More and more councils are emphasising the development of commercial strategies and skills in order to hold services together and give them a fighting chance in the current age of austerity.
Some commentators may view local government, innovation and entrepreneurship as unlikely bedfellows. But I see evidence all over country that a commercial culture is expanding and flourishing amongst council staff.
Participated in a really interesting event today on the transformation of the public sectors estate. Organised by Westminster sustainable business forum the event was a follow on from last years launch of the influential research report 'Leaner and Greener: Delivering effective estate management.' This identified that local government in England's property portfolio was worth £250billion and that £7billion could be saved in annual running costs by better space utilisation.
APSE's recent Housing and Building Maintenance seminar In Leeds gave me a chance to hear the views of colleagues working in this sector of local government and the issues that were vexing them, three main issues came to the fore.
This article is based on a recent column I did for the MJ magazine.
What will local government look like in 2020? My answer is that it will depend significantly on what elected members and officers want it to look like and the policy choices they make.
Whilst I accept that central government decisions will always have an impact in shaping local government, it is members and officers, in conjunction with the local public, who will decide what the political vision for an area is, what outcomes are pursued to achieve this and how this is implemented through the services the council is responsible for providing and delivering.
Someone who has influenced my thinking on local government greatly over the past couple of decades has this week published a new book, 'A Guide to Solar PV Projects - in Local Government and the Public Sector'. The first books of Stephen Cirell's that I read were thick local government law encyclopaedias around Compulsory Competitive Tendering, followed by similar tomes on Best Value, then the Private Finance Initiative and Charging and Trading. So how does someone go from this background into the arena of climate change, renewable energy and energy efficiency? And do they know anything about the topic?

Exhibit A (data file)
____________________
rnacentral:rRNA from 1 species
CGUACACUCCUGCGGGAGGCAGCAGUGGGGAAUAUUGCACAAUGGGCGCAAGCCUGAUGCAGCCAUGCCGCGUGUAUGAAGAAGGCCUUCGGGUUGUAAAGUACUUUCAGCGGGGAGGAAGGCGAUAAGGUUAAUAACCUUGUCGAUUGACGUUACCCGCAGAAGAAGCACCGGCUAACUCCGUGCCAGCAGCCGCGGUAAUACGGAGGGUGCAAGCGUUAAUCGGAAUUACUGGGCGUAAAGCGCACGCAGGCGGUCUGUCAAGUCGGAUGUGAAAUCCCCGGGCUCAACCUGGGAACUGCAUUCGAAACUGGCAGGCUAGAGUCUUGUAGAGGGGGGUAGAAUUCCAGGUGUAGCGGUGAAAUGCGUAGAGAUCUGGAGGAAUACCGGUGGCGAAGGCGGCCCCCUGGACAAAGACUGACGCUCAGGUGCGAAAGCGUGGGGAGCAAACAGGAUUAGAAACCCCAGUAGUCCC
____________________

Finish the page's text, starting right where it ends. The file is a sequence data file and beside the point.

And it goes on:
To the workforce in local government this is your day.
Getting up at the crack of dawn to grit and maintain the roads infrastructure, sweep the streets, clean the schools and public buildings, this is your day.
Maintaining the parks, picking up the bins, feeding school kids and looking after those who need care, this is your day.
Connaught, Rok, Southern Cross, Mouchel, IBM in local government, not to mention wider public sector outsourcing problems with A4E and G4S- there really is a lengthening list of problems with outsourced contracts.
And then there are those contracts that are quietly ended ‘by mutual agreement’ to avoid costly legal action, saving reputations, but often masking serious problems.
APSE's latest research reveals that innovation and entrepreneurship is alive and well in local authorities the length and breadth of the UK.
APSE's new report, Municipal Entrepreneurship, challenges the myth that local government is monolithic, bureaucratic and incapable of change. It demonstrates that commercial skills and business acumen are flourishing in local government and that elected members and entrepreneurial managers are fostering a commercial culture among council staff.
Eight steps to becoming a greener council
Firstly, there needs to be political buy in at the highest level. This is about the Council leading on tackling one of the biggest public policy issues of our time; it requires political vision, commitment and leadership.
Secondly, you need to do an audit of the local area, what natural assets are at your disposal will depend which strands of renewables or energy efficiency measures are most appropriate.
My latest column from MJ
The recent LGA report into future financing signalled that the very role and shape of local government in the UK is hurtling towards a significant crossroads. What it showed was that based on current projections there will be a £16.5bn shortfall in council budgets by 2020.
It predicted that 45% of budgets will be spent on social services by the end of the decade due to increased need and with waste collection also creating significant cost pressures, services such as road maintenance, libraries and leisure could see their budgets eroded by 90% compared to present comparative levels.